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1.  Diabetic ketoacidosis and hyperglycemic hyperosmolar syndrome after renal transplantation in the United States 
Background
The incidence and risk factors for diabetic ketoacidosis (diabetic ketoacidosis) and hyperglycemic hyperosmolar syndrome (hyperglycemic hyperosmolar syndrome, previously called non-ketotic hyperosmolar coma) have not been reported in a national population of renal transplant (renal transplantation) recipients.
Methods
We performed a historical cohort study of 39,628 renal transplantation recipients in the United States Renal Data System between 1 July 1994 and 30 June 1998, followed until 31 Dec 1999. Outcomes were hospitalizations for a primary diagnosis of diabetic ketoacidosis (ICD-9 code 250.1x) and hyperglycemic hyperosmolar syndrome (code 250.2x). Cox Regression analysis was used to calculate adjusted hazard ratios for time to hospitalization for diabetic ketoacidosis or hyperglycemic hyperosmolar syndrome.
Results
The incidence of diabetic ketoacidosis and hyperglycemic hyperosmolar syndrome were 33.2/1000 person years (PY) and 2.7/1000 PY respectively for recipients with a prior diagnosis of diabetes mellitus (DM), and 2.0/1000 PY and 1.1/1000 PY in patients without DM. In Cox Regression analysis, African Americans (AHR, 2.71, 95 %CI, 1.96–3.75), females, recipients of cadaver kidneys, patients age 33–44 (vs. >55), more recent year of transplant, and patients with maintenance TAC (tacrolimus, vs. cyclosporine) had significantly higher risk of diabetic ketoacidosis. However, the rate of diabetic ketoacidosis decreased more over time in TAC users than overall. Risk factors for hyperglycemic hyperosmolar syndrome were similar except for the significance of positive recipient hepatitis C serology and non-significance of female gender. Both diabetic ketoacidosis (AHR, 2.44, 95% CI, 2.10–2.85, p < 0.0001) and hyperglycemic hyperosmolar syndrome (AHR 1.87, 95% CI, 1.22–2.88, p = 0.004) were independently associated with increased mortality.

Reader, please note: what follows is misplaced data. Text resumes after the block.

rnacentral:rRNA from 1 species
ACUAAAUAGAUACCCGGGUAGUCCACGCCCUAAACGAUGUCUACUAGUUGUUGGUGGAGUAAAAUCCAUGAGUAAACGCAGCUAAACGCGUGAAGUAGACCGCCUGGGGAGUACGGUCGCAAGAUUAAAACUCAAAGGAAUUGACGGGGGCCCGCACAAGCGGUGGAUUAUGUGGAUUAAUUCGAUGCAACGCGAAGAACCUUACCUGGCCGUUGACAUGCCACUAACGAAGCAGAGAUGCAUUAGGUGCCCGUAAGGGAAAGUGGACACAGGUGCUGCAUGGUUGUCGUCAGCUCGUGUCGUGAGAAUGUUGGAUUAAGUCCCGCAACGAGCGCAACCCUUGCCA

Conclusions
We conclude that diabetic ketoacidosis and hyperglycemic hyperosmolar syndrome were associated with increased risk of mortality and were not uncommon after renal transplantation. High-risk groups were identified.
doi:10.1186/1472-6823-3-1
PMCID: PMC153547  PMID: 12659645
diabetic ketoacidosis; hyperglycemic hyperosmolar syndrome; nonketotic hyperosomoalr coma; graft loss; African American; female; hepatitis C; rejection; Cyclosporine; Tacrolimus; hospitalization; complications; USRDS

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